Part B - Medical Expense
This part of Medicare covers most medical expenses not covered in Part A of the plan. This part of the plan is always voluntary and requires that the participant pay monthly premiums.


Covered Expenses

Excluded Expenses
Physicians and surgeons services Self administered drugs
Diagnostic tests Routine physical, eye, and foot exams
Radiology/pathology Routine dental care
Physical therapy Cosmetic surgery
Drugs that cannot be self administered Eyeglasses
Blood transfusions Custodial care
Outpatient services Immunizations - except Pnemococcal
Rental of medical equipment
Cancer screenings
Prosthetic devices
Home health care - when not covered under Part A


Part B Expenses Covered
Deductible $131 yearly
Co-Insurance 20% of the approved amount (Medicare 80%)

Home Health Care
Cost
$0 for care
20% for durable medical equipment

Clinical and Laboratory
Cost $0 for approved services

Mental Health
Cost 50% for outpatient

Blood
Cost
100% of the first 3 pints
20% for any additional pints

*All numbers are as of the 2007 plan documents

Part D - Prescription Drug
Prescription drug coverage is available to those covered under Medicare Part A and Part B through private insurance companies. Since this plan is offered by private companies the costs may vary. A covered individual pays a monthly premium and the costs illustrated below.
  • Deductible $265 Participant Pays
  • Next $2,400 Participant Pays a Co-payment and Co-insurance
  • Participant pays 100% until he /she pays $3,250 out of pocket
  • Participant Pays a co-insurance of 5%

There is assistance available to seniors with low incomes with Part D coverage. The assistance can include a premium waiver, deductible waiver, and/or reduced co-pay.

Medigap insurance - Medicare Supplement
This policy is designed to make up the difference between what the participant has to pay and what the Medicare policy pays. These policies will pay a portion, if not all, of the participant's deductibles and co-insurance associated with their Medicare policy.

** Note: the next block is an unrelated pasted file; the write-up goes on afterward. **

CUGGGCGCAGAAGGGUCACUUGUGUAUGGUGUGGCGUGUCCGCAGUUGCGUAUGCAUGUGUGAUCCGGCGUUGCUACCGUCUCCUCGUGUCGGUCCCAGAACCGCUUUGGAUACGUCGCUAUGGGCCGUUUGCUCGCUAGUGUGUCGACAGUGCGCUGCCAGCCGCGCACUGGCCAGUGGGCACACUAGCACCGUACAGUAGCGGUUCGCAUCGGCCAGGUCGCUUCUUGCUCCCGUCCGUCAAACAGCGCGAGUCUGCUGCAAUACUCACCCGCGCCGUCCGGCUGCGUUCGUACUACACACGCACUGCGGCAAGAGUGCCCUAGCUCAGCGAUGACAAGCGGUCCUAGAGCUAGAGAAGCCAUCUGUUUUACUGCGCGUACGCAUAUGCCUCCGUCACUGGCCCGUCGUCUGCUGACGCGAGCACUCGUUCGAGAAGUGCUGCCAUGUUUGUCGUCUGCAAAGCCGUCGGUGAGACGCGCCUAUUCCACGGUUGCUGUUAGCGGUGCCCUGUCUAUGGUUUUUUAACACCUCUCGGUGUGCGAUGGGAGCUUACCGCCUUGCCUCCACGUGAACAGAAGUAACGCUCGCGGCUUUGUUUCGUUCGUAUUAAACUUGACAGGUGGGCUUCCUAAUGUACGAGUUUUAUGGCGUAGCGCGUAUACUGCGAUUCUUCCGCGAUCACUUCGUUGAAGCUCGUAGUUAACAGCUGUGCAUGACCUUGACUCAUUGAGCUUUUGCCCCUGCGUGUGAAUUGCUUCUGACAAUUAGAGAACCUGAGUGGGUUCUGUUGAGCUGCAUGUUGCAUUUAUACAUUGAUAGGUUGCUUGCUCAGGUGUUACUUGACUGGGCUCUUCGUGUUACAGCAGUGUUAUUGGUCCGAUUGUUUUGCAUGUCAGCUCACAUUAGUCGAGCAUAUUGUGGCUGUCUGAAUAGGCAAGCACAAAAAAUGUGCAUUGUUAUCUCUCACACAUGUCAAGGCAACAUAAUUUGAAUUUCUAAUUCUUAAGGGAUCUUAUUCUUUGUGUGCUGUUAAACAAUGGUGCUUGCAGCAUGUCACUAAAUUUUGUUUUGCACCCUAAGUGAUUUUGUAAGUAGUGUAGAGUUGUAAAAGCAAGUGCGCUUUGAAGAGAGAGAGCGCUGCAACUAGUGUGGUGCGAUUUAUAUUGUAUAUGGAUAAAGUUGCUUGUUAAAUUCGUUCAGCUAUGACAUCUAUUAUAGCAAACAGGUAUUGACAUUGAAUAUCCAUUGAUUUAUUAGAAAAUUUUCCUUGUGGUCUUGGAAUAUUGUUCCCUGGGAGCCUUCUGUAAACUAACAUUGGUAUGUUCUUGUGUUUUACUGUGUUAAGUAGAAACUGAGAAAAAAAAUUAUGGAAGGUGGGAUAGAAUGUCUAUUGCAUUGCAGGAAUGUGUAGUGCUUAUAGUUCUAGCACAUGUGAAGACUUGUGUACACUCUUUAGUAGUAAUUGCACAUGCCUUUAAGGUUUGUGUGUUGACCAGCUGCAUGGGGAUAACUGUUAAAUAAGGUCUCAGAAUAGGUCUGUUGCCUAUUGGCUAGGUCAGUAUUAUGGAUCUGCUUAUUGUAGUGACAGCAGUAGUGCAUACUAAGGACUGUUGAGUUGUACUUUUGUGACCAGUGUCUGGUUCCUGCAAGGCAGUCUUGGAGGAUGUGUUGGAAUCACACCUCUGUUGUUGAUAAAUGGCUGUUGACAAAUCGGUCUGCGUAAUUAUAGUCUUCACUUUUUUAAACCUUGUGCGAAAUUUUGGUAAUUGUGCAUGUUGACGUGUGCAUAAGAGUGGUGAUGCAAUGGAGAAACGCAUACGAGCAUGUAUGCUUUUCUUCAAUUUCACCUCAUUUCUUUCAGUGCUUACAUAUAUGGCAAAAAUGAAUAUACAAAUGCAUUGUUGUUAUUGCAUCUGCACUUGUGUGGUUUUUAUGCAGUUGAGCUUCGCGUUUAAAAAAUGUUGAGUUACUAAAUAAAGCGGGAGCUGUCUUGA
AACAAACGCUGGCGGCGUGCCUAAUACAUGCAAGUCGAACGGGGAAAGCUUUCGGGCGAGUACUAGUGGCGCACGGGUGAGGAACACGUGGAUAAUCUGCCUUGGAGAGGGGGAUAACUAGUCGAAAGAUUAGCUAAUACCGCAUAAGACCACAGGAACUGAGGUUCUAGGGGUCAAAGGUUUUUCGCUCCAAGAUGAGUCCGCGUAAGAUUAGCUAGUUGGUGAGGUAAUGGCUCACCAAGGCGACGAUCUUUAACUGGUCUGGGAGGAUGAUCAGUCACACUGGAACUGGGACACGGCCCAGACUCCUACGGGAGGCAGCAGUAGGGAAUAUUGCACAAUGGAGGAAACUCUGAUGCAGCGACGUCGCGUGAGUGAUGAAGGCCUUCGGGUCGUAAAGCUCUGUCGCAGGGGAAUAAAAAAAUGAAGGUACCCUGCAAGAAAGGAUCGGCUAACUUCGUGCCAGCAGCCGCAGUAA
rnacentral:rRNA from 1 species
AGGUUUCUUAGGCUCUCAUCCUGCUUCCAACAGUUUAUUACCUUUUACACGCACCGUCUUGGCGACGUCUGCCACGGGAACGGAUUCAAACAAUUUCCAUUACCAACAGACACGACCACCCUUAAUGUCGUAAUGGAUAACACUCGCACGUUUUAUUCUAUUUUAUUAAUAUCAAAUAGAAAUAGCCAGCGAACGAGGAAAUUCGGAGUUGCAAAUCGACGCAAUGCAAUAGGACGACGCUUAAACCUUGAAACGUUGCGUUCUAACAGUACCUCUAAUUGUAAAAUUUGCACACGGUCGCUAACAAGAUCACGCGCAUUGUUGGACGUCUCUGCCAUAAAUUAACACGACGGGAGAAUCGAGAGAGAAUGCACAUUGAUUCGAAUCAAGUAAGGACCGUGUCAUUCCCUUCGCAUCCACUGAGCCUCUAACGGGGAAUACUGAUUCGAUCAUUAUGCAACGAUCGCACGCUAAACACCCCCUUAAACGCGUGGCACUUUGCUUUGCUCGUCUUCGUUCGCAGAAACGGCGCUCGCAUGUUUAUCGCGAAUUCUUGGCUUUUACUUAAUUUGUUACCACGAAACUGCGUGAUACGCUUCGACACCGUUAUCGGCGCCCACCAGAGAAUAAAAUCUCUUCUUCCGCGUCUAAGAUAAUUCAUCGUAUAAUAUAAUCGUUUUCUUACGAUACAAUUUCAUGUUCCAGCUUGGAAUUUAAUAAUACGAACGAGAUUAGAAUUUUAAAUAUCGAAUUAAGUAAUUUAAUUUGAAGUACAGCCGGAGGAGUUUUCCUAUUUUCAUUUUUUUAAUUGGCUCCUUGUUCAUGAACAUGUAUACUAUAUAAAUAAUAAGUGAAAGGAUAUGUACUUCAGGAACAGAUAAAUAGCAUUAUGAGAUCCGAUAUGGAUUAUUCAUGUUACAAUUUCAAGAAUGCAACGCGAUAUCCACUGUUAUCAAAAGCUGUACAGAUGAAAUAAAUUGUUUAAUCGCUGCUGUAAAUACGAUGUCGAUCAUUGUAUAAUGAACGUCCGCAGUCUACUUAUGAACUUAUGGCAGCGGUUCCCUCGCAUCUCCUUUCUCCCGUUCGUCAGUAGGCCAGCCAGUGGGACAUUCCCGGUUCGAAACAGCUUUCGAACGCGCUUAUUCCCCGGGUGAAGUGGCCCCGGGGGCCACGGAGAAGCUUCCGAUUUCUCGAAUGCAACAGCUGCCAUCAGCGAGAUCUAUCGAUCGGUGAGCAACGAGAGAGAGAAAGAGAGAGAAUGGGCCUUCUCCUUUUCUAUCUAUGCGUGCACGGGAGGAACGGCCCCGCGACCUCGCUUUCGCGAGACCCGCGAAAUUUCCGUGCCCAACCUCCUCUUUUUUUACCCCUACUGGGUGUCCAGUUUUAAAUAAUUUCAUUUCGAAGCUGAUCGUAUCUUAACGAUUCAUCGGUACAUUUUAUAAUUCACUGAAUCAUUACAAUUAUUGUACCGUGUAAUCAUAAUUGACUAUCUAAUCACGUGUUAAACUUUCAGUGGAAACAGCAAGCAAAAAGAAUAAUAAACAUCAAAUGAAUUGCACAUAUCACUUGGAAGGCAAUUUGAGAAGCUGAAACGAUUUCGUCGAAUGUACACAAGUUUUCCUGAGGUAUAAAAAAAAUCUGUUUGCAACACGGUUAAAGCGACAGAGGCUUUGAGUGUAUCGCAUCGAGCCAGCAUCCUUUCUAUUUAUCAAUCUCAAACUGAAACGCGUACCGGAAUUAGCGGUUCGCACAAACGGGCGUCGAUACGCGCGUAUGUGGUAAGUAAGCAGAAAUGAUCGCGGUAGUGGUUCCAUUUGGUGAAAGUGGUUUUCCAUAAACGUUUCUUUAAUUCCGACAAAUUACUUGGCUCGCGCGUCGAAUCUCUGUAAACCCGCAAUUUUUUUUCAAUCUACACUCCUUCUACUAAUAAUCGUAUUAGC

Taxation of Premiums and Benefits

Related Articles
  1. Retirement

    Top 5 Costliest Health Issues Retirees Face

    The healthcare system today is murky, with plans changing what they cover. What are the costliest out-of-pocket or underestimated healthcare expenses that retirees need to watch out for?
  2. Retirement

    What Are the Different Parts of Medicare?

    At age 65, most people have to sign up for Medicare. Learn which of its four programs are mandatory – and which you can skip.
  3. Managing Wealth

    What Does Medicare Cover?

    Don't assume you're insured. Find out what you can expect from this healthcare program.
  4. Retirement

    Medicare Part D Is Changing How You Pay for Drugs

    As the price of prescription medication rises and the population ages, insurers are looking for ways to cut costs. That's where coinsurance comes in.
  5. Financial Advisor

    Filling In The Medicare Gaps

    Basic Medicare is not a perfect fit for everyone - sometimes, extra policies are required to suit a person's needs.
  6. Insurance

    Understanding the Basics of Medicare

    Understanding these Medicare basics will help you choose the coverage that is right for you.
  7. Insurance

    Medicare 101: Do You Need All 4 Parts?

    Medicare is the United States’ health insurance program for those over age 65. Medicare has four parts, but you might not need them all.
  8. Managing Wealth

    Planning for Healthcare

    Planning how to pay for healthcare during retirement is a must—and the earlier you do it, the better. Medicare often fall short, so here are your options.
  9. Financial Advisor

    Breaking Down Medicare Open Enrollment for Clients

    For financial advisors, open enrollment is an important opportunity to be of service to clients, especially when it comes to reviewing Medicare options.
  10. Insurance

    Medicare Enrollment: Everything You Need to Know

    It's important to enroll in Medicare properly to have healthcare coverage in retirement.
Frequently Asked Questions
  1. How do you calculate r-squared in Excel?

    Calculate R-squared in Microsoft Excel by creating two data ranges to correlate. Use the Correlation formula to correlate ...
  2. What is the Difference Between International Monetary Fund and the World Bank?

    Learn about the International Monetary Fund and the World Bank and how they are differentiated by their respective functions ...
  3. Where Did the Bull and Bear Market Get Their Names?

    The terms bull and bear are used to describe general actions and attitudes, or sentiment, either of an individual (bear and ...
  4. What's the difference between Google's GOOG and GOOGL stock tickers?

    Learn the difference between Google's GOOG and GOOGL ticker symbols. Splitting shares into classes prevents management from ...
Trading Center